Meta, in its report to the US Security and Exchange Committee, pointed out this “uncertainty,” noting that “The GDPR is still a relatively new law, its interpretation is still evolving, and draft decisions in investigations by the IDPC are subject to review by other European privacy regulators as part of the GDPR’s consistency mechanism, which may lead to significant changes in the final outcome of such investigations.”
I have always called for an alternative to the EU US #privacyshield to find a balanced agreement on data exchange + always called for #GDPR flexibility. However, #META cannot just blackmail the EU into giving up its data protection standards, leaving the EU would be their loss.
— Axel Voss MdEP (@AxelVossMdEP) February 7, 2022
Meta’s assessment of the situation in the report may in itself be an attempt to exploit the legislative uncertainty, and court support in its favour. In fact, many have taken Meta’s suggestion of a possible removal as a threat. It was certainly received as such by Member of the European Parliament (MEP) Alex Voss, who in a tweet said that Meta cannot “blackmail the EU into giving up its data protection standards, leaving the EU would be their loss.”
French finance minister Bruno Lemaire suggested that the EU’s “sovereignty” would not be troubled by the threat of facebook’s withdrawal, and that the EU “is such a big internal market with so much economic power that if we act in unity we won’t be intimidated by something like this.”
Facebook did however release a blog post, suggesting that “Meta Is Absolutely Not Threatening to Leave Europe.” They also sent emails to a number of media outlets that they claimed falsely presented their assessment as a threat. According to Meta’s blog post, they were simply “identifying a business risk resulting from uncertainty around international data transfers.”
Given Meta, and other Big Tech companies’ involvement in extensive and sophisticated lobbying strategies in the EU, which involves controversial astroturfing techniques, it is no surprise that there is scepticism around Meta’s motives. As discussed in a previous impakter article, tech companies have representatives throughout EU institutions, and fund companies that parrot talking points favorable to them, whilst presenting themselves as advocating for small businesses.
An important dimension to any data regulation story, is also the discrepancy between US and EU law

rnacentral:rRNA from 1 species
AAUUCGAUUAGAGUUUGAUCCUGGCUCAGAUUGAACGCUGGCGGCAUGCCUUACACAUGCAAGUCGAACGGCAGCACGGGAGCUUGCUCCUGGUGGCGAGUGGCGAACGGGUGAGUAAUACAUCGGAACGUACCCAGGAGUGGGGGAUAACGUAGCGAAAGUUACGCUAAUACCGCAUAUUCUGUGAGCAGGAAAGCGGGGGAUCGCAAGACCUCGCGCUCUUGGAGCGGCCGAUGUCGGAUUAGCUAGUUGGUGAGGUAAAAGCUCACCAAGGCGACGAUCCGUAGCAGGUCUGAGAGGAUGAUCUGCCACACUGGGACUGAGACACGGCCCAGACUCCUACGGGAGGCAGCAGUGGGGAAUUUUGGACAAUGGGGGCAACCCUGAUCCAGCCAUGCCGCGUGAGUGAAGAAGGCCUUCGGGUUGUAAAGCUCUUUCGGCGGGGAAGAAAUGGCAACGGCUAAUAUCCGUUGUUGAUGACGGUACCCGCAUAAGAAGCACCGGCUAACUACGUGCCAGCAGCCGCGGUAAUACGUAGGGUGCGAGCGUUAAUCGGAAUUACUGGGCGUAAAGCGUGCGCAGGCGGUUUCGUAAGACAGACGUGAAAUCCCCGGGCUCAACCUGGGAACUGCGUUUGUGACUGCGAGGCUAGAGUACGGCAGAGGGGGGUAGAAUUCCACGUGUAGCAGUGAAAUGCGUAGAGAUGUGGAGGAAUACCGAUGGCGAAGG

Tech companies often have to change their behavior internationally, in order to keep in line with the requirements of a major region in which they operate.
This is partly because of the impracticality of having different standards of practice in different regions. Since the EU, and the UK to some extent, has typically had stronger regulations than the US, European law has often dictated how tech companies act in the US, even affecting the US legislature to some extent.
However, controversy over EU-US data transfer demonstrates the limitation of this principle. Instead of relying on companies to standardize their practices, the establishment of safe data passage agreements may require countries themselves to harmonize their laws.
As Max Schems suggested after the landmark decision against the Privacy Shield agreement, “It is clear that the US will have to seriously change their surveillance laws, if US companies want to continue to play a role in the EU market.”
At the end of the day, despite what the EU ministers expressing indifference, and even jubilance to the threat of Facebook’s disappearance from Europe say, Meta’s projected withdrawal is unlikely. As a European Commision spokesman told Bloomberg, negotiations with the US have increased in intensity, in an attempt to save the many small, medium and giant businesses reliant on transatlantic data transfer.
Alex Voss for example, in his tweet condemning Meta’s alleged blackmail, said he has always been in favour of GDPR flexibility, and suggested that a workable alternative to the Privacy Shield should be agreed upon.
The bigger takeaway is perhaps the increased pressure on the US to confront the lacklustre protection it affords its citizens from data exploitation, and the distrust its reputation for surveillance has garnered internationally. Developments like the ban on targeted advertising proposed by some American legislators, which is not expected to make much progress, is perhaps at least indicative that the US may be about to embark on the long-awaited establishment of adequate legal privacy protection for American citizens.
Editor’s Note: The opinions expressed here by Impakter.com columnists are their own, not those of Impakter.com. — Featured Photo: Facebook and Instagram and WhatsApp, all owned by Meta, who has been accused of putting EU user data at risk in the US Photo Credit: Jeremy Bezanger.